To Learn (or Not To Learn)February 15, 2016

Indigenous Literacy Day, which will be held on September 2, is about reaching out to the indigenous community. They must raise their literacy level, which will give them more opportunities.

Some might question the motives behind this campaign. (Is this another way of atoning to past events? Not really.) Moreover, not a few will wonder if there's a need to make them familiar with the outside world. The old ones are set in their own ways, but the youth is something else. It's not hard to imagine curious minds. Don't be surprised if there are rebels among them. And nothing will be the same after they get in touch with technology. No one can be a fence sitter, so let's look at it closely.

We have a responsibility

“The Apology opened the opportunity for a new relationship based on mutual respect and mutual responsibility between Indigenous and non-Indigenous Australia. Because without mutual respect and mutual responsibility, the truth is we can achieve very little.”

- Kevin Rudd

How the indigenous Australians react to this campaign is important. We have a responsibility. We come with good intention. It's important to both sides. There are some things to keep in mind. Here they are:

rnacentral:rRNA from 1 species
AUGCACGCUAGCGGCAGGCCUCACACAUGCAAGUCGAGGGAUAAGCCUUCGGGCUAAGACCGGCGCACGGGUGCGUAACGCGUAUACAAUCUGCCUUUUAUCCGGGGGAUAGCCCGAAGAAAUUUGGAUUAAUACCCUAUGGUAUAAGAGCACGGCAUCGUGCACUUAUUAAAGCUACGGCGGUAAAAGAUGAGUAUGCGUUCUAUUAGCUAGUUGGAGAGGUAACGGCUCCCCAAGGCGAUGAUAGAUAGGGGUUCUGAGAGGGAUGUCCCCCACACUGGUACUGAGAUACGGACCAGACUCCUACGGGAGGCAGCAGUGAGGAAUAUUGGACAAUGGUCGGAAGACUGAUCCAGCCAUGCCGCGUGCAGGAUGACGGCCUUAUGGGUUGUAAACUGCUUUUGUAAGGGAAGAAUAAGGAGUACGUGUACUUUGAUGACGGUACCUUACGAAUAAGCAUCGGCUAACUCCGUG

More is better. Any gathering gives us a chance to meet new people. This means new mates, which is good. However, it will be better if we can participate in this campaign with a familiar face. (Family is better, but don't forget your mates.) Nothing like sharing good experience. It can be an eye opener for anyone. (Even the old can learn something new.) Think about it.

Don't forget to bring books. An author can be a good companion, not to mention the ideas that will make you a wise person. It will be nice to part some of your books to the ones who need it the most. Let's hope it will make the indigenous community less wary of the outside world. It will be a huge step if that will be the case, but it will be better if the young ones show a genuine interest in literature.

Always be respectful of other customs. This campaign shouldn't be a case of comparing two different cultures. Remember that we live in the same place. This event is a good opportunity to learn about the indigenous community, of what they have been doing. What you might see may be an enriching experience.

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